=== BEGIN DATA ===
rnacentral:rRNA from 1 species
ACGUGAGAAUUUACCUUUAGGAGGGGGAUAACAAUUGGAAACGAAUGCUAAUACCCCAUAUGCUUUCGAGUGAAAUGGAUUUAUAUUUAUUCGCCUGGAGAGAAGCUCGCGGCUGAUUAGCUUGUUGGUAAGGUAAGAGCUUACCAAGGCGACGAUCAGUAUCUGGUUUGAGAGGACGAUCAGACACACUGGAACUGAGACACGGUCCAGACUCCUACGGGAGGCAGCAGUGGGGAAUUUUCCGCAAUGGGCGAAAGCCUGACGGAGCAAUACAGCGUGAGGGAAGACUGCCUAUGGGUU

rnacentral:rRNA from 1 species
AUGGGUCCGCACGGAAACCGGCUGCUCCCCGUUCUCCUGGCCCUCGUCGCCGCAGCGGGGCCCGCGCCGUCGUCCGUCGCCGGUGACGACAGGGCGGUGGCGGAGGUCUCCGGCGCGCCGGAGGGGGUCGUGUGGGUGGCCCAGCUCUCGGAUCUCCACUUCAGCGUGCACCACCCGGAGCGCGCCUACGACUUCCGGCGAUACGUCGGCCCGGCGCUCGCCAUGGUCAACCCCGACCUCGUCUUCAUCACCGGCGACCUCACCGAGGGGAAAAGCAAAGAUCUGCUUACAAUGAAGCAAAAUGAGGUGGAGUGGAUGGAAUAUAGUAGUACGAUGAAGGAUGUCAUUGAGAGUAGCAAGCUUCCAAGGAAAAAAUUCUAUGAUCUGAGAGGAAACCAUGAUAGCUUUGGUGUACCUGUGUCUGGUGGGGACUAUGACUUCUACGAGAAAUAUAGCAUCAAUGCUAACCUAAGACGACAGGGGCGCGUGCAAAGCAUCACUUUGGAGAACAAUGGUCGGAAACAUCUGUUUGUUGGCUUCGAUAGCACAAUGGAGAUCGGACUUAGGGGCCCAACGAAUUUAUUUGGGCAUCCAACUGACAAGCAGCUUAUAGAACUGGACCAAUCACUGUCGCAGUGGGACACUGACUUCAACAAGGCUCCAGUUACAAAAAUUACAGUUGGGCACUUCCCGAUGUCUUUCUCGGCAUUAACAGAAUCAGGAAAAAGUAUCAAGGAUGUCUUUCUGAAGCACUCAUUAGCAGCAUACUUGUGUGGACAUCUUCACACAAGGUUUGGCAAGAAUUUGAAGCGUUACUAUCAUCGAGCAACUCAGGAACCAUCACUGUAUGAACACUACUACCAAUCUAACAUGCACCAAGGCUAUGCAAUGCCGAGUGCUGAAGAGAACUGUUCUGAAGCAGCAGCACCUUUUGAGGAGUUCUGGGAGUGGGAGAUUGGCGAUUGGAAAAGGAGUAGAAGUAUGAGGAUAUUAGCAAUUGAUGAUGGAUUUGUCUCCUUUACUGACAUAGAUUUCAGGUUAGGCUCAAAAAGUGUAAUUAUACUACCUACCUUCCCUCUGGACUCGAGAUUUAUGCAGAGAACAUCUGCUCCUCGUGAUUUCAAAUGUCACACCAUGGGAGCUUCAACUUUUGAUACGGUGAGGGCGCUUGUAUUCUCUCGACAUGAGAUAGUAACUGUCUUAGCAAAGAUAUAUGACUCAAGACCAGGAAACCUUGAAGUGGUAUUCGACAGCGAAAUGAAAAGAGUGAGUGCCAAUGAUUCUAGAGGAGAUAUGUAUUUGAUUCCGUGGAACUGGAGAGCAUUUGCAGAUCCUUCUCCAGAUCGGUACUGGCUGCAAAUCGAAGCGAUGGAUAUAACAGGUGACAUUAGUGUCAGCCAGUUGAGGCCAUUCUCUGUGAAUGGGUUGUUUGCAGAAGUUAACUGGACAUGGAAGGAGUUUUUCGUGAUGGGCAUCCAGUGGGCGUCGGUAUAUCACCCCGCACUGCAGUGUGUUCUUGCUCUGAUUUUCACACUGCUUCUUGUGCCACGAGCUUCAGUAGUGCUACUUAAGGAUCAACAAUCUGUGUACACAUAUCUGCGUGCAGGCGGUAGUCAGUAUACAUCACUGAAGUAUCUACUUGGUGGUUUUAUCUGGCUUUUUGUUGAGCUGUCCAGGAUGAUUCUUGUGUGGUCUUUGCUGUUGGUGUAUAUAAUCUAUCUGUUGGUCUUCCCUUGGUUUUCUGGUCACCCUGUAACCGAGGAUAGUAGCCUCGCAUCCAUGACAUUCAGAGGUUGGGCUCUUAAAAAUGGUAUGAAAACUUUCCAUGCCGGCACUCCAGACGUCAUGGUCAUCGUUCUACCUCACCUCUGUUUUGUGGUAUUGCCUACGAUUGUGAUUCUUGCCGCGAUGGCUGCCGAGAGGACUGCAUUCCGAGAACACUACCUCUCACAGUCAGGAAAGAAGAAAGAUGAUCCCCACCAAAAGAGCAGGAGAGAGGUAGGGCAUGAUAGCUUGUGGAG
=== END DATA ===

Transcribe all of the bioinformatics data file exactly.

rnacentral:rRNA from 1 species
ACGUGAGAAUUUACCUUUAGGAGGGGGAUAACAAUUGGAAACGAAUGCUAAUACCCCAUAUGCUUUCGAGUGAAAUGGAUUUAUAUUUAUUCGCCUGGAGAGAAGCUCGCGGCUGAUUAGCUUGUUGGUAAGGUAAGAGCUUACCAAGGCGACGAUCAGUAUCUGGUUUGAGAGGACGAUCAGACACACUGGAACUGAGACACGGUCCAGACUCCUACGGGAGGCAGCAGUGGGGAAUUUUCCGCAAUGGGCGAAAGCCUGACGGAGCAAUACAGCGUGAGGGAAGACUGCCUAUGGGUU

rnacentral:rRNA from 1 species
AUGGGUCCGCACGGAAACCGGCUGCUCCCCGUUCUCCUGGCCCUCGUCGCCGCAGCGGGGCCCGCGCCGUCGUCCGUCGCCGGUGACGACAGGGCGGUGGCGGAGGUCUCCGGCGCGCCGGAGGGGGUCGUGUGGGUGGCCCAGCUCUCGGAUCUCCACUUCAGCGUGCACCACCCGGAGCGCGCCUACGACUUCCGGCGAUACGUCGGCCCGGCGCUCGCCAUGGUCAACCCCGACCUCGUCUUCAUCACCGGCGACCUCACCGAGGGGAAAAGCAAAGAUCUGCUUACAAUGAAGCAAAAUGAGGUGGAGUGGAUGGAAUAUAGUAGUACGAUGAAGGAUGUCAUUGAGAGUAGCAAGCUUCCAAGGAAAAAAUUCUAUGAUCUGAGAGGAAACCAUGAUAGCUUUGGUGUACCUGUGUCUGGUGGGGACUAUGACUUCUACGAGAAAUAUAGCAUCAAUGCUAACCUAAGACGACAGGGGCGCGUGCAAAGCAUCACUUUGGAGAACAAUGGUCGGAAACAUCUGUUUGUUGGCUUCGAUAGCACAAUGGAGAUCGGACUUAGGGGCCCAACGAAUUUAUUUGGGCAUCCAACUGACAAGCAGCUUAUAGAACUGGACCAAUCACUGUCGCAGUGGGACACUGACUUCAACAAGGCUCCAGUUACAAAAAUUACAGUUGGGCACUUCCCGAUGUCUUUCUCGGCAUUAACAGAAUCAGGAAAAAGUAUCAAGGAUGUCUUUCUGAAGCACUCAUUAGCAGCAUACUUGUGUGGACAUCUUCACACAAGGUUUGGCAAGAAUUUGAAGCGUUACUAUCAUCGAGCAACUCAGGAACCAUCACUGUAUGAACACUACUACCAAUCUAACAUGCACCAAGGCUAUGCAAUGCCGAGUGCUGAAGAGAACUGUUCUGAAGCAGCAGCACCUUUUGAGGAGUUCUGGGAGUGGGAGAUUGGCGAUUGGAAAAGGAGUAGAAGUAUGAGGAUAUUAGCAAUUGAUGAUGGAUUUGUCUCCUUUACUGACAUAGAUUUCAGGUUAGGCUCAAAAAGUGUAAUUAUACUACCUACCUUCCCUCUGGACUCGAGAUUUAUGCAGAGAACAUCUGCUCCUCGUGAUUUCAAAUGUCACACCAUGGGAGCUUCAACUUUUGAUACGGUGAGGGCGCUUGUAUUCUCUCGACAUGAGAUAGUAACUGUCUUAGCAAAGAUAUAUGACUCAAGACCAGGAAACCUUGAAGUGGUAUUCGACAGCGAAAUGAAAAGAGUGAGUGCCAAUGAUUCUAGAGGAGAUAUGUAUUUGAUUCCGUGGAACUGGAGAGCAUUUGCAGAUCCUUCUCCAGAUCGGUACUGGCUGCAAAUCGAAGCGAUGGAUAUAACAGGUGACAUUAGUGUCAGCCAGUUGAGGCCAUUCUCUGUGAAUGGGUUGUUUGCAGAAGUUAACUGGACAUGGAAGGAGUUUUUCGUGAUGGGCAUCCAGUGGGCGUCGGUAUAUCACCCCGCACUGCAGUGUGUUCUUGCUCUGAUUUUCACACUGCUUCUUGUGCCACGAGCUUCAGUAGUGCUACUUAAGGAUCAACAAUCUGUGUACACAUAUCUGCGUGCAGGCGGUAGUCAGUAUACAUCACUGAAGUAUCUACUUGGUGGUUUUAUCUGGCUUUUUGUUGAGCUGUCCAGGAUGAUUCUUGUGUGGUCUUUGCUGUUGGUGUAUAUAAUCUAUCUGUUGGUCUUCCCUUGGUUUUCUGGUCACCCUGUAACCGAGGAUAGUAGCCUCGCAUCCAUGACAUUCAGAGGUUGGGCUCUUAAAAAUGGUAUGAAAACUUUCCAUGCCGGCACUCCAGACGUCAUGGUCAUCGUUCUACCUCACCUCUGUUUUGUGGUAUUGCCUACGAUUGUGAUUCUUGCCGCGAUGGCUGCCGAGAGGACUGCAUUCCGAGAACACUACCUCUCACAGUCAGGAAAGAAGAAAGAUGAUCCCCACCAAAAGAGCAGGAGAGAGGUAGGGCAUGAUAGCUUGUGGAG